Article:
22 16. Huang, James (2004a). Opton Bounds and Second Order Arbtrage Opportuntes. Lancaster Unversty Management School workng paper. 17. Khlstrome, Rchard E., Davd Rome, and Steve Wllams (1981): Rsk Averson wth Random Intal Wealth, Econometrca 49, Kmball, Mles S. (1990), Precautonary Savng n the Small and n the Large, Econometrca 58, Kmball, Mles S. (1993), Standard Rsk Averson, Econometrca 61, Leland, H. E. (1980), Who Should Buy Portfolo Insurance? Journal of Fnance 35, Mas-Colell, A. (1985), The Theory of General Economc Equlbrum: A Dfferentable Approach. Econometrc Socety Monograph, Cambrdge, Cambrdge Unversty Press. 22. Pratt, J. W. (1964), Rsk Averson n the Small and n the Large, Econometrca 32, Pratt, J. W., and R. Zeckhauser (1987), Proper Rsk Averson, Econometrca 55, Rubnsten, M. E. (1976), An Aggregaton Theorem for Securtes Markets, Journal of Fnancal Economcs 1, Wlson, R. (1968), The Theory of Syndcates, Econometrca 36,

Recurrence. 1 Definitions and main statements

Recurrence. 1 Definitions and main statements Recurrence 1 Defntons and man statements Let X n, n = 0, 1, 2,... be a MC wth the state space S = (1, 2,...), transton probabltes p j = P {X n+1 = j X n = }, and the transton matrx P = (p j ),j S def.

More information

benefit is 2, paid if the policyholder dies within the year, and probability of death within the year is ).

benefit is 2, paid if the policyholder dies within the year, and probability of death within the year is ). REVIEW OF RISK MANAGEMENT CONCEPTS LOSS DISTRIBUTIONS AND INSURANCE Loss and nsurance: When someone s subject to the rsk of ncurrng a fnancal loss, the loss s generally modeled usng a random varable or

More information

An Alternative Way to Measure Private Equity Performance

An Alternative Way to Measure Private Equity Performance An Alternatve Way to Measure Prvate Equty Performance Peter Todd Parlux Investment Technology LLC Summary Internal Rate of Return (IRR) s probably the most common way to measure the performance of prvate

More information

PSYCHOLOGICAL RESEARCH (PYC 304-C) Lecture 12

PSYCHOLOGICAL RESEARCH (PYC 304-C) Lecture 12 14 The Ch-squared dstrbuton PSYCHOLOGICAL RESEARCH (PYC 304-C) Lecture 1 If a normal varable X, havng mean µ and varance σ, s standardsed, the new varable Z has a mean 0 and varance 1. When ths standardsed

More information

THE DISTRIBUTION OF LOAN PORTFOLIO VALUE * Oldrich Alfons Vasicek

THE DISTRIBUTION OF LOAN PORTFOLIO VALUE * Oldrich Alfons Vasicek HE DISRIBUION OF LOAN PORFOLIO VALUE * Oldrch Alfons Vascek he amount of captal necessary to support a portfolo of debt securtes depends on the probablty dstrbuton of the portfolo loss. Consder a portfolo

More information

OPTIMAL INVESTMENT POLICIES FOR THE HORSE RACE MODEL. Thomas S. Ferguson and C. Zachary Gilstein UCLA and Bell Communications May 1985, revised 2004

OPTIMAL INVESTMENT POLICIES FOR THE HORSE RACE MODEL. Thomas S. Ferguson and C. Zachary Gilstein UCLA and Bell Communications May 1985, revised 2004 OPTIMAL INVESTMENT POLICIES FOR THE HORSE RACE MODEL Thomas S. Ferguson and C. Zachary Glsten UCLA and Bell Communcatons May 985, revsed 2004 Abstract. Optmal nvestment polces for maxmzng the expected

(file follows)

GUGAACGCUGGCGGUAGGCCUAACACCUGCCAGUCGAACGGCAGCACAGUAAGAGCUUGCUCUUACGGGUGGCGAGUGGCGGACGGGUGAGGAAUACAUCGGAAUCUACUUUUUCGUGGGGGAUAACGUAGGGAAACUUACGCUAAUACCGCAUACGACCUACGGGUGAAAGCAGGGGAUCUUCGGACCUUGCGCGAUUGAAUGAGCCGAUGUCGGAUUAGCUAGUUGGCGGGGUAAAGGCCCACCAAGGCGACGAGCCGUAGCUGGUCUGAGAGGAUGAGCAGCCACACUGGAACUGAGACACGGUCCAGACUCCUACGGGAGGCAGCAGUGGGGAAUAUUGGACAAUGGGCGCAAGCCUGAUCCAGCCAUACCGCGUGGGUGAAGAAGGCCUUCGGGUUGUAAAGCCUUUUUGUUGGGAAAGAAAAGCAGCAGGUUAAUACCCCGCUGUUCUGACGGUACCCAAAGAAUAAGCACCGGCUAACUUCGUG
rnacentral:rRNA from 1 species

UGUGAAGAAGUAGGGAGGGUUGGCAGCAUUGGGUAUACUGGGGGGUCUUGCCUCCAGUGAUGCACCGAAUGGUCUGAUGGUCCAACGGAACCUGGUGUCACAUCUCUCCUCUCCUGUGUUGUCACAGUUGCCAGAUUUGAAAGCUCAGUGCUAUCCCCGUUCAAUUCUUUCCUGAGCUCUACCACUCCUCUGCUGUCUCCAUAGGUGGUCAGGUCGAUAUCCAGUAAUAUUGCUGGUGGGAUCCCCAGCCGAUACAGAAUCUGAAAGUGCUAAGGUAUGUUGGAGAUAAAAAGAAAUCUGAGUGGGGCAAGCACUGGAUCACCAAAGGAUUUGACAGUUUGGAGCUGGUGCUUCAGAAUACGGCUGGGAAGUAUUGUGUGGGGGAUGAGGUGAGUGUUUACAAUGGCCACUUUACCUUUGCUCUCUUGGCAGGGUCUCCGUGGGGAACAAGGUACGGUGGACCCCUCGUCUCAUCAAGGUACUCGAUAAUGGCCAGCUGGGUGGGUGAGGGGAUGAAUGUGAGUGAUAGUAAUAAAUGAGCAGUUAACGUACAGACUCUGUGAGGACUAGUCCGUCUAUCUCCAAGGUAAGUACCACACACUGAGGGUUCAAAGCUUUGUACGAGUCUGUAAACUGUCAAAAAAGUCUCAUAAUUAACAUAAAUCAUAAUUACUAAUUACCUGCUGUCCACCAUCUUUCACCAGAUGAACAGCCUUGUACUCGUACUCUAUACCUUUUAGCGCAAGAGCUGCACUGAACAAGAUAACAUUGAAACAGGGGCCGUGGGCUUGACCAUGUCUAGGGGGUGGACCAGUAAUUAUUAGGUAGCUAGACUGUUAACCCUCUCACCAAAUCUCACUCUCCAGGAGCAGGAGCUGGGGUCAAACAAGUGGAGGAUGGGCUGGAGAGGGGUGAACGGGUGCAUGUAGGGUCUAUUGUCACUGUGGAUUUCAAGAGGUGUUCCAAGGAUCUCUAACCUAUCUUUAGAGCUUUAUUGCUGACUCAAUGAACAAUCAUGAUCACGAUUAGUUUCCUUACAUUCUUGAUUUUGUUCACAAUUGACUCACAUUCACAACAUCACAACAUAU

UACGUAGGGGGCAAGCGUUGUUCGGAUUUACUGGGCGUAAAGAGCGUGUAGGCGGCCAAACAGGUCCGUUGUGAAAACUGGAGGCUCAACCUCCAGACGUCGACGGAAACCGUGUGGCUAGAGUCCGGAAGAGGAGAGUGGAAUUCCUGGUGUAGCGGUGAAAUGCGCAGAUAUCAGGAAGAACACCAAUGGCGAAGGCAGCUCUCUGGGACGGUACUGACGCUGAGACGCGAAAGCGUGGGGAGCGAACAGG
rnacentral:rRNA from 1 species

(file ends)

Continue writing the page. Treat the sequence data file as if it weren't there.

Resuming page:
More information

Lecture 3: Force of Interest, Real Interest Rate, Annuity

Lecture 3: Force of Interest, Real Interest Rate, Annuity Lecture 3: Force of Interest, Real Interest Rate, Annuty Goals: Study contnuous compoundng and force of nterest Dscuss real nterest rate Learn annuty-mmedate, and ts present value Study annuty-due, and

More information

The Cox-Ross-Rubinstein Option Pricing Model

The Cox-Ross-Rubinstein Option Pricing Model Fnance 400 A. Penat - G. Pennacc Te Cox-Ross-Rubnsten Opton Prcng Model Te prevous notes sowed tat te absence o arbtrage restrcts te prce o an opton n terms o ts underlyng asset. However, te no-arbtrage

More information

Answer: A). There is a flatter IS curve in the high MPC economy. Original LM LM after increase in M. IS curve for low MPC economy

Answer: A). There is a flatter IS curve in the high MPC economy. Original LM LM after increase in M. IS curve for low MPC economy 4.02 Quz Solutons Fall 2004 Multple-Choce Questons (30/00 ponts) Please, crcle the correct answer for each of the followng 0 multple-choce questons. For each queston, only one of the answers s correct.

More information

Luby s Alg. for Maximal Independent Sets using Pairwise Independence

Luby s Alg. for Maximal Independent Sets using Pairwise Independence Lecture Notes for Randomzed Algorthms Luby s Alg. for Maxmal Independent Sets usng Parwse Independence Last Updated by Erc Vgoda on February, 006 8. Maxmal Independent Sets For a graph G = (V, E), an ndependent

More information

Joe Pimbley, unpublished, 2005. Yield Curve Calculations

Joe Pimbley, unpublished, 2005. Yield Curve Calculations Joe Pmbley, unpublshed, 005. Yeld Curve Calculatons Background: Everythng s dscount factors Yeld curve calculatons nclude valuaton of forward rate agreements (FRAs), swaps, nterest rate optons, and forward

More information

BERNSTEIN POLYNOMIALS

BERNSTEIN POLYNOMIALS On-Lne Geometrc Modelng Notes BERNSTEIN POLYNOMIALS Kenneth I. Joy Vsualzaton and Graphcs Research Group Department of Computer Scence Unversty of Calforna, Davs Overvew Polynomals are ncredbly useful

More information

The Short-term and Long-term Market

The Short-term and Long-term Market A Presentaton on Market Effcences to Northfeld Informaton Servces Annual Conference he Short-term and Long-term Market Effcences en Post Offce Square Boston, MA 0209 www.acadan-asset.com Charles H. Wang,

More information

The Application of Fractional Brownian Motion in Option Pricing

The Application of Fractional Brownian Motion in Option Pricing Vol. 0, No. (05), pp. 73-8 http://dx.do.org/0.457/jmue.05.0..6 The Applcaton of Fractonal Brownan Moton n Opton Prcng Qng-xn Zhou School of Basc Scence,arbn Unversty of Commerce,arbn zhouqngxn98@6.com